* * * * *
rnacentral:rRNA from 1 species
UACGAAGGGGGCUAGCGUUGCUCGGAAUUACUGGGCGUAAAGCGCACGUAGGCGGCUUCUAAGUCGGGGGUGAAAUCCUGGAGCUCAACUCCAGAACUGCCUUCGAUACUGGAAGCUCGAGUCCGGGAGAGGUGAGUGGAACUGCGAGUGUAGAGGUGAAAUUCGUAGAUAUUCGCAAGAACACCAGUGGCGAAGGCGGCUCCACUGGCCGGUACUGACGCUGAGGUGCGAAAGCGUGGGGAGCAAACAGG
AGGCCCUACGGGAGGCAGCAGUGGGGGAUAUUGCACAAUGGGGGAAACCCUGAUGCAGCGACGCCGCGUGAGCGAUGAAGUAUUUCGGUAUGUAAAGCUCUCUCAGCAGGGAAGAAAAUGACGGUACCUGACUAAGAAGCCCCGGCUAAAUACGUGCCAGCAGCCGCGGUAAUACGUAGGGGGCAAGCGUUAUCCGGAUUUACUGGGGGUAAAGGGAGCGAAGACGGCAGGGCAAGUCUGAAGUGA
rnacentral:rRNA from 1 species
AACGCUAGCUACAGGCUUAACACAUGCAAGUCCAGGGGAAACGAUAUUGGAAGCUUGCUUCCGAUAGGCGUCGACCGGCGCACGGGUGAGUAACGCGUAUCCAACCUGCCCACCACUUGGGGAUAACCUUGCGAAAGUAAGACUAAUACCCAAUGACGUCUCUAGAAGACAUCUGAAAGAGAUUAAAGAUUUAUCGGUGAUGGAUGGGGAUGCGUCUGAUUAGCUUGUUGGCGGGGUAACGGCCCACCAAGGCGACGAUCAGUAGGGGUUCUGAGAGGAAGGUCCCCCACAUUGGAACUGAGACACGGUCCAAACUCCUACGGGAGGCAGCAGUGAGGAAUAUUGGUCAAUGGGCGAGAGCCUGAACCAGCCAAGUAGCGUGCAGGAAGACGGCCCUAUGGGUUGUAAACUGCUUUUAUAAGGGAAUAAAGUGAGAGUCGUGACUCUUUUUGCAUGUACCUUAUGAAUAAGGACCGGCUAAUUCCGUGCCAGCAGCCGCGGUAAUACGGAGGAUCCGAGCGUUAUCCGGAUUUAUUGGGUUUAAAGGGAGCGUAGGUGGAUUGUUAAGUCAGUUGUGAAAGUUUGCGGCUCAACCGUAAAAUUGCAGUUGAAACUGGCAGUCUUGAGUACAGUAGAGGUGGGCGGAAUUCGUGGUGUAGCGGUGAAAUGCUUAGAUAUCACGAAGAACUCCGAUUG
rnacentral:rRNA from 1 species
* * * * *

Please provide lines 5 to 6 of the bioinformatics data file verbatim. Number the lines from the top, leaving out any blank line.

AACGCUAGCUACAGGCUUAACACAUGCAAGUCCAGGGGAAACGAUAUUGGAAGCUUGCUUCCGAUAGGCGUCGACCGGCGCACGGGUGAGUAACGCGUAUCCAACCUGCCCACCACUUGGGGAUAACCUUGCGAAAGUAAGACUAAUACCCAAUGACGUCUCUAGAAGACAUCUGAAAGAGAUUAAAGAUUUAUCGGUGAUGGAUGGGGAUGCGUCUGAUUAGCUUGUUGGCGGGGUAACGGCCCACCAAGGCGACGAUCAGUAGGGGUUCUGAGAGGAAGGUCCCCCACAUUGGAACUGAGACACGGUCCAAACUCCUACGGGAGGCAGCAGUGAGGAAUAUUGGUCAAUGGGCGAGAGCCUGAACCAGCCAAGUAGCGUGCAGGAAGACGGCCCUAUGGGUUGUAAACUGCUUUUAUAAGGGAAUAAAGUGAGAGUCGUGACUCUUUUUGCAUGUACCUUAUGAAUAAGGACCGGCUAAUUCCGUGCCAGCAGCCGCGGUAAUACGGAGGAUCCGAGCGUUAUCCGGAUUUAUUGGGUUUAAAGGGAGCGUAGGUGGAUUGUUAAGUCAGUUGUGAAAGUUUGCGGCUCAACCGUAAAAUUGCAGUUGAAACUGGCAGUCUUGAGUACAGUAGAGGUGGGCGGAAUUCGUGGUGUAGCGGUGAAAUGCUUAGAUAUCACGAAGAACUCCGAUUG
rnacentral:rRNA from 1 species